What it doesn’t do: More prosecutions won’t necessarily solve the “Whac-A-Mole” problem: Mass dialing with internet-based technology is so easy that bad actors pop up constantly using new names or locations.
The FCC doesn’t shut robocallers down immediately, instead following an enforcement process that takes months, if not years to play out while authorities gather evidence and make legal filings. On Dec. 12, the agency proposed a roughly $10 million fine for calls that occurred in May 2018. An FCC official said the agency must follow due process.
What the act does: The FCC must empower phone companies to block more calls without fear of a lawsuit, all while not adding new line items on consumers’ bills. The agency has already written some rules with these goals in mind.
The law also backs new requirements to prevent “spoofing,” a practice where robocallers mask their identity with a faked caller ID. Major phone companies have already promised to use call-authentication technology, known as Stir/Shaken. Under the new law any laggards who don’t adopt this technology would have to show the FCC how they are mitigating robocalls.
What it doesn’t do: It isn’t known yet whether the bill will overcome carriers’ historic fears about blocking legitimate calls. For example, phone companies are loath to stop emergency calls, but those calls can be hard to identify.
Curbing “spoofing” also won’t stop swindlers entirely, experts say. Robocallers could obtain blocks of real phone numbers, which are available for rent, and make millions of calls. The new law leaves this issue for future study and gives the FCC regulatory authority to address it.
Lawmakers also dropped from the final bill a provision clarifying the legal definition of “auto-dialer” technology, the equipment used to make robocalls. Proponents of that provision said it would resolve conflicting court rulings about how businesses can legally contact consumers and ensure robocallers can’t tailor their dialing technology to get around telemarketing rules. Mr. Thune believes the FCC should address this issue, a spokesman said.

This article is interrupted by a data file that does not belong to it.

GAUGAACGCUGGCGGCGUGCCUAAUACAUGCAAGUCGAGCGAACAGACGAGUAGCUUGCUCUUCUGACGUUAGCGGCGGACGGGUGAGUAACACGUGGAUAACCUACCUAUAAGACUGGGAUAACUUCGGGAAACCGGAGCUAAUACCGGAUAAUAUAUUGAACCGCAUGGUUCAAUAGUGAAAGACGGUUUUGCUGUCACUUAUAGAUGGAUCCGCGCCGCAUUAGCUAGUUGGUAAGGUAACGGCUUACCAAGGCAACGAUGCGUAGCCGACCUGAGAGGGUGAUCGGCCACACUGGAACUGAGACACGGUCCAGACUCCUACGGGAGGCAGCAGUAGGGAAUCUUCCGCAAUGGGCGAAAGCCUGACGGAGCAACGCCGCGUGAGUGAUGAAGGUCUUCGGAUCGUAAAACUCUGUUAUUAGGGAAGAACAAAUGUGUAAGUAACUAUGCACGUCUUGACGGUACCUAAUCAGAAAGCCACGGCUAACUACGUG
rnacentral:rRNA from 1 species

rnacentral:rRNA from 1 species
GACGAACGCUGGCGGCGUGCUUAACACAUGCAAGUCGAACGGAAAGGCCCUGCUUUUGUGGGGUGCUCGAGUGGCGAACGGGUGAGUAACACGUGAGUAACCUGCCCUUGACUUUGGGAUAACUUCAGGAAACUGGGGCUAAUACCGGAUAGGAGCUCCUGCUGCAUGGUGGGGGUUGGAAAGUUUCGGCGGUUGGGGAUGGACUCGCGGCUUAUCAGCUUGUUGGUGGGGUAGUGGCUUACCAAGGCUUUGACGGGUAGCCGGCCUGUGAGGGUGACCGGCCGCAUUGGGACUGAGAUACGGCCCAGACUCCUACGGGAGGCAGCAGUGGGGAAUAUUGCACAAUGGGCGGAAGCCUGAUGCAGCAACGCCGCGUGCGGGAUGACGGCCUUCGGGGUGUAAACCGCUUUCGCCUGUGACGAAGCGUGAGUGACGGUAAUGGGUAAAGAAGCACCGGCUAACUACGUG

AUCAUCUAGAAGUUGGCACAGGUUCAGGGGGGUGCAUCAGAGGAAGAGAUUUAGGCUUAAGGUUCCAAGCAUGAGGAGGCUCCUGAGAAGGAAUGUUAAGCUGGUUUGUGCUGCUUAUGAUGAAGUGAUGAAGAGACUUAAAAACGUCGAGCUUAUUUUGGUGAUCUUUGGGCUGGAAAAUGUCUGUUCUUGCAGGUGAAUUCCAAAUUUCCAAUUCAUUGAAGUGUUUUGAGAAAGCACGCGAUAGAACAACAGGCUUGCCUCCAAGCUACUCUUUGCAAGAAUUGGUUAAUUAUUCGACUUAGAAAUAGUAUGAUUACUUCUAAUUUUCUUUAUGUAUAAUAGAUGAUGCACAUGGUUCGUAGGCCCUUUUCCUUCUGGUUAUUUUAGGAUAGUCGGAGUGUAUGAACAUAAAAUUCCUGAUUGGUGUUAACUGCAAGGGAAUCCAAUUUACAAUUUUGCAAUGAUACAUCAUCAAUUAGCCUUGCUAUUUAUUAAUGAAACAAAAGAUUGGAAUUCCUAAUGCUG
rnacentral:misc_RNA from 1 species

What the act does: The new law tells the FCC it may publish a list of phone companies found to be facilitating robocalls and “take appropriate enforcement action.” Scammers rely on such companies, paying them fractions of a cent for each call they send through.
What it doesn’t do: Publishing the list isn’t mandatory, and authorities have generally been reluctant to hold phone companies accountable for things their customers do.
In one recent exception, the Federal Trade Commission and Ohio attorney general moved to shut down an internet-based phone company for allegedly participating in a robocall scheme—a first-of-its-kind action.
A senior FCC official said the agency is weighing what it can do when a company is found to be facilitating illegal calls. Options under consideration include taking enforcement action against the firms, or greenlighting phone companies to block calls from problem companies, the official said, without giving a timeline for drafting them.